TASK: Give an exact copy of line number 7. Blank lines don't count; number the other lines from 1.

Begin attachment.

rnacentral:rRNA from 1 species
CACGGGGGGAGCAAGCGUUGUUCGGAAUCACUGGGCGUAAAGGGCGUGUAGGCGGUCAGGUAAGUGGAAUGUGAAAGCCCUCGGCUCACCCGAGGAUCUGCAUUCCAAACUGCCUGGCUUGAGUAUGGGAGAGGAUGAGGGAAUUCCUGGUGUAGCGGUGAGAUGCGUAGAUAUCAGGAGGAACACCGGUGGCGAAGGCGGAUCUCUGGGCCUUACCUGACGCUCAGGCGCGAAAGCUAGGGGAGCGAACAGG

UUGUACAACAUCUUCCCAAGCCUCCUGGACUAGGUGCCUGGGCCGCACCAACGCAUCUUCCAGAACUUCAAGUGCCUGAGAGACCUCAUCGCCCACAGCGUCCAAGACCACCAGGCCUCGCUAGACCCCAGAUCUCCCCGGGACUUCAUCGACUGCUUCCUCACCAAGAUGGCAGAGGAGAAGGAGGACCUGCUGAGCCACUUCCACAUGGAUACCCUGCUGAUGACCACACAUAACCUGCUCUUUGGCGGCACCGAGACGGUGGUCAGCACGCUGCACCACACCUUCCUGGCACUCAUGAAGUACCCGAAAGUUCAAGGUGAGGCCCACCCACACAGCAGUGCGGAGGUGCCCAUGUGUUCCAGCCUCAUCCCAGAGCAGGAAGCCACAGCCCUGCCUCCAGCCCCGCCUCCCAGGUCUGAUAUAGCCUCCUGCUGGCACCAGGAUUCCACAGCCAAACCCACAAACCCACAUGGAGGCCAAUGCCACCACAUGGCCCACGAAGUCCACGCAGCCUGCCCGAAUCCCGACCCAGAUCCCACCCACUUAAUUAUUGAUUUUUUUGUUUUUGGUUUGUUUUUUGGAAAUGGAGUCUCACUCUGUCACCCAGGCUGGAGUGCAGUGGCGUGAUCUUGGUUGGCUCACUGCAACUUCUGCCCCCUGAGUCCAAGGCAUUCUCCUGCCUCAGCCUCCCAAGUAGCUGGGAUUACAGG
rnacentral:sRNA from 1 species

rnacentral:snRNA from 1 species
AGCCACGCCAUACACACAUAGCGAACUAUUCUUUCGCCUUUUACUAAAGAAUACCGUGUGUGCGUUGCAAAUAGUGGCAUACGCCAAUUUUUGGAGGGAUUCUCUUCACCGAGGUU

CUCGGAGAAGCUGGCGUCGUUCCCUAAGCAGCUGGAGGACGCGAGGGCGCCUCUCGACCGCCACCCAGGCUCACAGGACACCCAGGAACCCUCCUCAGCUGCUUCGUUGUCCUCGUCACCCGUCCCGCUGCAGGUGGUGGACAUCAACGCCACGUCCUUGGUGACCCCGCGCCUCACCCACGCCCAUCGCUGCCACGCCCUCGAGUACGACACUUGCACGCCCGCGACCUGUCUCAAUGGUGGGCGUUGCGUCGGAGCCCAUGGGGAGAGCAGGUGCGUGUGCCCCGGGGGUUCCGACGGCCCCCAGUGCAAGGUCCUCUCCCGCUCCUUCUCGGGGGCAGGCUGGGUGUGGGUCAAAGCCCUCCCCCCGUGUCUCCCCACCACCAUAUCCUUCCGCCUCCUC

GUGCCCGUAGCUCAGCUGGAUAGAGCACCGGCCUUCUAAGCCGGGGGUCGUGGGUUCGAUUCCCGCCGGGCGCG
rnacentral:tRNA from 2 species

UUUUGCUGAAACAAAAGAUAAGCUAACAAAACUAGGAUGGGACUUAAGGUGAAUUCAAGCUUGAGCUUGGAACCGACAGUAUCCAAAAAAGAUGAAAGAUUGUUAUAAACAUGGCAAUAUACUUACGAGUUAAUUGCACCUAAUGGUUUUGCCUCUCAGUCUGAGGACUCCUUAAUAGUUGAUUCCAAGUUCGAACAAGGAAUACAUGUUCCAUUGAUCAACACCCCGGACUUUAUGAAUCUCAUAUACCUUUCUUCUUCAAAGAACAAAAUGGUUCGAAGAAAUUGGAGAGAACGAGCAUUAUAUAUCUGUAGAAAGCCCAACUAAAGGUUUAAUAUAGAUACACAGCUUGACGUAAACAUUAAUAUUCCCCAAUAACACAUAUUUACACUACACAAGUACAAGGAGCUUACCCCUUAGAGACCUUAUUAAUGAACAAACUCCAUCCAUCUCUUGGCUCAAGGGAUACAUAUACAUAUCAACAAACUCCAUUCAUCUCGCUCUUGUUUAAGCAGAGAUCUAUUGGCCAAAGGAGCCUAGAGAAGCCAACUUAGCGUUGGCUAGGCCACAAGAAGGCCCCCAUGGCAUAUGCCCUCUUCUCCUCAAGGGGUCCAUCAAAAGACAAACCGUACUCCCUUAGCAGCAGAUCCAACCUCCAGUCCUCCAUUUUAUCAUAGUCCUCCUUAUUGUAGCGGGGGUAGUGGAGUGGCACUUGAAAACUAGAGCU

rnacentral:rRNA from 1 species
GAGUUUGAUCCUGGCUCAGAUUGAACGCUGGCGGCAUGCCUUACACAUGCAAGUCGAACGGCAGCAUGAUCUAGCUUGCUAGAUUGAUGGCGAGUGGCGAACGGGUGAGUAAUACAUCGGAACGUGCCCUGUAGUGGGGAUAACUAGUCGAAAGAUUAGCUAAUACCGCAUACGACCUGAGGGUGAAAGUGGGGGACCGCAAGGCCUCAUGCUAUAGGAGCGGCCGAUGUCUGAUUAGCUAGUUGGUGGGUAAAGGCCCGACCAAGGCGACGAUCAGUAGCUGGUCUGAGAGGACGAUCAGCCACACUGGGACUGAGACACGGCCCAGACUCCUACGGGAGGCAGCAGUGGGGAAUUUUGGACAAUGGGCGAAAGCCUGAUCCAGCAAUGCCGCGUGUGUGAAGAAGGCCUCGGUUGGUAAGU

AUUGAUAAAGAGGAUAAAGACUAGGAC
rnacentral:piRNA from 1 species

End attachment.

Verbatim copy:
CUCGGAGAAGCUGGCGUCGUUCCCUAAGCAGCUGGAGGACGCGAGGGCGCCUCUCGACCGCCACCCAGGCUCACAGGACACCCAGGAACCCUCCUCAGCUGCUUCGUUGUCCUCGUCACCCGUCCCGCUGCAGGUGGUGGACAUCAACGCCACGUCCUUGGUGACCCCGCGCCUCACCCACGCCCAUCGCUGCCACGCCCUCGAGUACGACACUUGCACGCCCGCGACCUGUCUCAAUGGUGGGCGUUGCGUCGGAGCCCAUGGGGAGAGCAGGUGCGUGUGCCCCGGGGGUUCCGACGGCCCCCAGUGCAAGGUCCUCUCCCGCUCCUUCUCGGGGGCAGGCUGGGUGUGGGUCAAAGCCCUCCCCCCGUGUCUCCCCACCACCAUAUCCUUCCGCCUCCUC